It’s only been a couple of hours since Virgin Galactic lost its SpaceShipTwo spacecraft. The names of the pilots — one dead, one clinging to life — have yet to be released. I got the initial word via Twitter, a retweet of @spacecom via Alan Stern and some others. CNN, the BBC and others soon leapt aboard and will ride the story for days. In the wake of Orbital Sciences Corp.’s International Space Station-resupplying Antares disaster just two days ago, the big follow-up question for the nation’s media will be: Will commercial space (in this case NewSpace) ever recover?
Consider: Fifty years ago this April, a nascent Ball Aerospace saw its second satellite blow up, taking three lives with it. From the book:
The OSO B’s travels ended in a 3,000-square-foot testing facility at the Kennedy Space Center. On April 14, 1964, Ball technician Lot Gabel stepped up to adjust a plastic bag shrouding the spacecraft and the third-stage rocket—a five-foot column of bottled fury— to which it was mounted. This innocuous act, like straightening a spouse’s collar, triggered a spark of static electricity.
A design flaw caused the rocket engine to ignite. It smashed the spacecraft against the hangar’s roof and then careened about the building, spraying blazing rocket fuel and finally ramming into a corner to burn itself out. Gabel, his Ball colleague Sid Dagle, and John Fassett of NASA died of severe burns. The 1967 Apollo 1 disaster, much more notorious, was no more lethal.
They didn’t give up.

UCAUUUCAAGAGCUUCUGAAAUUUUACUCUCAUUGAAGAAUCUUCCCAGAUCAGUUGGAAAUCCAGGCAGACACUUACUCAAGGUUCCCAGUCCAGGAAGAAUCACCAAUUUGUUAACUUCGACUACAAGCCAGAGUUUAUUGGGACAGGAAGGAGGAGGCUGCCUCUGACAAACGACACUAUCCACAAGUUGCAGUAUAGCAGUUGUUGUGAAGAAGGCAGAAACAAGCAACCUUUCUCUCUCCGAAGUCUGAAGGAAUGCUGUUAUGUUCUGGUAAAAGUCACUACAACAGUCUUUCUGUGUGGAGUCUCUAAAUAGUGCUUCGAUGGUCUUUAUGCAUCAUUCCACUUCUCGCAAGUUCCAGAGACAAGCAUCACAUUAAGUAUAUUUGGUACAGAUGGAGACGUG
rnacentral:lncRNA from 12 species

Ball would have another shot at space, replacing destroyed instruments, repairing damaged hardware, and modifying the ill-fated spacecraft’s prototype for flight. In Boulder, they worked through their mourning. The OSO 2 launched less than a year after the accident, on February 3, 1965.
Ball Aerospace is still at it.
Virgin Galactic has already shown their mettle. Three workers from Scaled Composites, which built SpaceShipOne and SpaceShipTwo, were killed in a ground-based propellant-flow test in 2007. They’ve come a long way since. They must again work through the mourning. Then they must convince the market that the roughly 1-in-50 risk of rocket shots failing, the historic norm, somehow doesn’t apply to suborbital missions (SpaceShipTwo topped out at 62 miles) or is worth the thrill. I think passengers will just have to accept a two-percent chance of death, and that most will.
Alan Stern, whose tweet clued me into all this, has felt the loss of space disasters more closely than most: his PhD experiment was aboard the Space Shuttle Challenger on that chilly Florida day in April 1986. He’s bounced back, too, and is on his way to Pluto, at least vicariously, as principal investigator of NASA’s New Horizons mission.